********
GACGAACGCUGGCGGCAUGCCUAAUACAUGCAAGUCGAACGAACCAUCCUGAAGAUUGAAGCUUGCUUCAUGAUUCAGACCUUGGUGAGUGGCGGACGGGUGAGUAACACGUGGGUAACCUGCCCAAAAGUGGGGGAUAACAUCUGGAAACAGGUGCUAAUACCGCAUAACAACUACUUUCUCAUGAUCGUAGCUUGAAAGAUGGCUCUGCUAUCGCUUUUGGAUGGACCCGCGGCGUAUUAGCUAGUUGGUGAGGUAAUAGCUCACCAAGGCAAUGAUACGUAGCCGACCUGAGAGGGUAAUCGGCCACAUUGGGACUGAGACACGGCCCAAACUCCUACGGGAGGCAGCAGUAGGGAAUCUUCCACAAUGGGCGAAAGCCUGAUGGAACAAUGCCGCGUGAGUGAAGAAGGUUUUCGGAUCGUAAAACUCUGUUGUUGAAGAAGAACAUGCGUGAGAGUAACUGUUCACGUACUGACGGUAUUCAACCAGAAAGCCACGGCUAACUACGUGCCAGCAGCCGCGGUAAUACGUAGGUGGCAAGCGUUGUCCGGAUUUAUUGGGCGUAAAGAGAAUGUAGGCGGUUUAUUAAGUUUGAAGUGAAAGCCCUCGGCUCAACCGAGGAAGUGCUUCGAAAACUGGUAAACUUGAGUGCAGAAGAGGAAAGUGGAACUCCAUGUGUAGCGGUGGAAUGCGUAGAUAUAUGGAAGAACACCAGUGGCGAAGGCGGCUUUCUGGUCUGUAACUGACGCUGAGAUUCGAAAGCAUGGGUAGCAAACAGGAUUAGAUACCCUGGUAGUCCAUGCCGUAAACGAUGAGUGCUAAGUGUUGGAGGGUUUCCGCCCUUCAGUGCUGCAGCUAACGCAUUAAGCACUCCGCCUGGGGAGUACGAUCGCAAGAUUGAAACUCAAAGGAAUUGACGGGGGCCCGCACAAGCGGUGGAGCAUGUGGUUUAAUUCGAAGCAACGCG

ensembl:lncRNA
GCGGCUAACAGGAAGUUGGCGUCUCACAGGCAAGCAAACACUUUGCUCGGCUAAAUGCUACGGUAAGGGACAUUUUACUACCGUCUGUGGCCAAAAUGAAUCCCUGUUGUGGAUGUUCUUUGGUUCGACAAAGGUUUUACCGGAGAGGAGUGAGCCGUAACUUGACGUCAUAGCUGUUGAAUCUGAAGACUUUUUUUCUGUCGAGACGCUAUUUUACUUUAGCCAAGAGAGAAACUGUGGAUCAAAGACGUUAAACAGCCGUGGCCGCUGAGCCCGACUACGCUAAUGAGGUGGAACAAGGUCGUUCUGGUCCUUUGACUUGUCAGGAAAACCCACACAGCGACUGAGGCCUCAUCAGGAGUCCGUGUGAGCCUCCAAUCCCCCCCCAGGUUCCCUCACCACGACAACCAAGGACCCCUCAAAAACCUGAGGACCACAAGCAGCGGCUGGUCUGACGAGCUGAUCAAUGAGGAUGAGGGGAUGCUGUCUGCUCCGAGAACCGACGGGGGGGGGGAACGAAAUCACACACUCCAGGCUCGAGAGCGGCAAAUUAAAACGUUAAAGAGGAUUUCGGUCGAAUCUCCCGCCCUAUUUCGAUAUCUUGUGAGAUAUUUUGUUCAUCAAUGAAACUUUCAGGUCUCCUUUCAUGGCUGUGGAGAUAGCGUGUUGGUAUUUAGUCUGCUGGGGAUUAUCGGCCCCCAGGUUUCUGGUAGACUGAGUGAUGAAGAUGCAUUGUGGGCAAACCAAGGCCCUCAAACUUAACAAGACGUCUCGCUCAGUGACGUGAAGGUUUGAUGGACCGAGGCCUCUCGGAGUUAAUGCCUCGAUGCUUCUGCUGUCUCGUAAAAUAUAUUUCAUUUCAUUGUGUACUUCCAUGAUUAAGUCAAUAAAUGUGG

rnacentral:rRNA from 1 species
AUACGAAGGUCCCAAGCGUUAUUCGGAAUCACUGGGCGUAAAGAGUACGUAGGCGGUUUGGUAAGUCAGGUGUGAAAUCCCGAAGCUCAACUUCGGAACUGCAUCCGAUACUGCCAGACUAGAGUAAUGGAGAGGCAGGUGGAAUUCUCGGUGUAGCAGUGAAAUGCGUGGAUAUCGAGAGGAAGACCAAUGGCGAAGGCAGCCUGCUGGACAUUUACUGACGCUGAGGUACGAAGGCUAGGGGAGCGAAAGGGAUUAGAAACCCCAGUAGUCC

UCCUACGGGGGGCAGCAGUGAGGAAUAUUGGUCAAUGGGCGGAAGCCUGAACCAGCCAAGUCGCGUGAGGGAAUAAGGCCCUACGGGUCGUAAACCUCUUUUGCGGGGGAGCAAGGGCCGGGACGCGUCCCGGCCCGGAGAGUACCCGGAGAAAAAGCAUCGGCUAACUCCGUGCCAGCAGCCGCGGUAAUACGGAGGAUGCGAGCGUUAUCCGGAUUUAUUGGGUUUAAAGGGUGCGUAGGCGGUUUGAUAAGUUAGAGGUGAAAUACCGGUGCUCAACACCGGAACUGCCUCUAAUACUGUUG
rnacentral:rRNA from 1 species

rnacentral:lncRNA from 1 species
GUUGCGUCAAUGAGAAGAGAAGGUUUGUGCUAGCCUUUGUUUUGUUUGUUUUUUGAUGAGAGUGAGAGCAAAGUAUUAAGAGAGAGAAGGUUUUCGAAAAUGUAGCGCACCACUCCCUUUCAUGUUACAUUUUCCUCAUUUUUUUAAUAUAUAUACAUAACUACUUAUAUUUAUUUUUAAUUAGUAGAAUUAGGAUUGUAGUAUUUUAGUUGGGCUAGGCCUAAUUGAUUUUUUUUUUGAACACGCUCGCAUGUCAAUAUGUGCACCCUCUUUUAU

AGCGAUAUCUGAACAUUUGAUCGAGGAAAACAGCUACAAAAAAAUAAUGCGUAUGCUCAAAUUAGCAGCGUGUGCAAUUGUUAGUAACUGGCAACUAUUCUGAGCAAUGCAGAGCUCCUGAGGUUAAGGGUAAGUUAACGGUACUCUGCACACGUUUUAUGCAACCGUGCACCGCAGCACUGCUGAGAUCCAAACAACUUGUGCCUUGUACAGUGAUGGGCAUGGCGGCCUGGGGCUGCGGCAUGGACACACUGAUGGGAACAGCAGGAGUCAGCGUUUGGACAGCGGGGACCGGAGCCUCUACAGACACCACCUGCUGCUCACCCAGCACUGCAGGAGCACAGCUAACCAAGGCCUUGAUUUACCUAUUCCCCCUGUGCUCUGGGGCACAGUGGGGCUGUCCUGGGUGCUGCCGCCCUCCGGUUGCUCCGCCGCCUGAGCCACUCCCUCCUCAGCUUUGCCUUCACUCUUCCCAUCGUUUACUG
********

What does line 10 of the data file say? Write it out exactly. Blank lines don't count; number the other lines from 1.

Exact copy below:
AGCGAUAUCUGAACAUUUGAUCGAGGAAAACAGCUACAAAAAAAUAAUGCGUAUGCUCAAAUUAGCAGCGUGUGCAAUUGUUAGUAACUGGCAACUAUUCUGAGCAAUGCAGAGCUCCUGAGGUUAAGGGUAAGUUAACGGUACUCUGCACACGUUUUAUGCAACCGUGCACCGCAGCACUGCUGAGAUCCAAACAACUUGUGCCUUGUACAGUGAUGGGCAUGGCGGCCUGGGGCUGCGGCAUGGACACACUGAUGGGAACAGCAGGAGUCAGCGUUUGGACAGCGGGGACCGGAGCCUCUACAGACACCACCUGCUGCUCACCCAGCACUGCAGGAGCACAGCUAACCAAGGCCUUGAUUUACCUAUUCCCCCUGUGCUCUGGGGCACAGUGGGGCUGUCCUGGGUGCUGCCGCCCUCCGGUUGCUCCGCCGCCUGAGCCACUCCCUCCUCAGCUUUGCCUUCACUCUUCCCAUCGUUUACUG